Is it more humane to let the detainees starve to death?
Obviously, in a perfect world, the situation would resolve itself, GTMO would close, and we would all live happily ever after. Sadly, we don’t live in that world. We live in a much more complicated world where there isn’t a simple or elegant solution to this issue. I’ve been to GTMO as a Judge Advocate working on the military commissions. I, too, would like it to close. I really would. But in the meantime, how many men do you let starve to death?
All who wish to do so. If they believe it is the only way to end their torment, what right do we have to prevent them? One reader’s answer:
Perhaps some fellow Dishheads can shed some light on what the pains are associated with long-term starvation, but I have to assume that’s not exactly a pretty picture. What all of this does for me is just crystallize the giant clusterfuck that is Gitmo. We have a number of humans who are being indefinitely detained with no end in sight, which in and of itself is horrible. And the choices appear to be for us to inflict further pain by forcing them to eat, or for us to let them inflict pain on themselves, possibly to the point of a slow horrible death.
When you frame it this way, I would lean slightly toward saying that in the current circumstances, force-feeding is the better choice of two bad options.
I have followed this thread with some interest and can’t help but point out: this treatment does not meet the dictionary definition of torture.
Brian Kellett, a paramedic who in “most cases [is] completely against force-feeding,” nevertheless deems the Mos Def video “propaganda”:
I have placed more NG tubes than I can remember and I have never seen a reaction as strong as that shown in the first video. It certainly isn’t very pleasant to have a NG tube inserted as it tickles the back of the throat that makes you want to gag (or swallow), but it is not this apparent torture that is being shown. An NG tube is inserted in hospitals for a number of reasons, sometimes for surgery, sometimes because a patient cannot swallow. In the first video Yasiin Bey [aka Mos Def] isn’t given water to drink during the procedure, but in many of my patient’s I also couldn’t give them anything to drink to ease the passing of the tube as these patients would have no gag reflex and so giving them water could result in them inhaling rather than swallowing the water. Inhaling water can have side effects that include death.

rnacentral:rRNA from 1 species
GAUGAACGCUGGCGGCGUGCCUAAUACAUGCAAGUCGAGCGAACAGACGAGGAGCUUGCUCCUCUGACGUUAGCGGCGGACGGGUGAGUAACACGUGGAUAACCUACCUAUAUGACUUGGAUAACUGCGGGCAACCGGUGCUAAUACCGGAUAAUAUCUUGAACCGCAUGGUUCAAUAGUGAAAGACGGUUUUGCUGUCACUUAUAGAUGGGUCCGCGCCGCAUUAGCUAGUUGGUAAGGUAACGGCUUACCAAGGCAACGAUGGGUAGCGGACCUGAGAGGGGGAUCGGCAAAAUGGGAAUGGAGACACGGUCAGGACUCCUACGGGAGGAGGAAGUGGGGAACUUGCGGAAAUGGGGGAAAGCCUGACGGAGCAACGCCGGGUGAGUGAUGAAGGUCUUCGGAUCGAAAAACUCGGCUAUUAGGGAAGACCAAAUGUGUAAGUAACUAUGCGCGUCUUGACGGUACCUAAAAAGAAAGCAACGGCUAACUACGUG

Yasiin Bey is also shown to be resisting, while the person in the [above] video is complying with instructions. Many of the patients that I passed an NG tube into had some form of confusion, either due to a stroke, due to dementia or due to a multitude of other causes . In some cases I would be passing a tube into the stomach of someone against their will because they had tried to commit suicide and were under a Mental Health Section.
Even in these cases I never saw a reaction as strong as that of Yasiin Bey.
A reader has a very different take:
I have a rare condition called Multiple System Atrophy, which involves a number of progressive diseases/conditions. But of all of the painful things I’ve endured, feeding tubes take the prize.
I feel churlish for pointing this out, since I, too, want to see the forcefeeding of Gitmo detainees stopped, but since this undercuts the strength of the argument, it’s worth point out that Mos Def is an actor. Moreover, he’s a very good actor, having been nominated both for an Emmy and a Golden Globe for a powerful performance in this movie. Which means that he (unlike Hitchens) may not have been the best person to do this. I fear there are going to be no shortage of neo-cons who will say he was exaggerating very convincingly (though you could always challenge one of the doubters by telling them to try it for themselves).
Call me cynical, but isn’t it strange that Yasiin is literally begging the people doing the procedure to stop? The whole project is voluntary, right? Why wouldn’t they stop when he first asked them to? I’d wager it’s because they knew that having Mos beg for a bit would better persuade the viewer of the horrors of forced feeding. I don’t mind that so much as a cause marketing idea, except that it presents an inaccurate picture.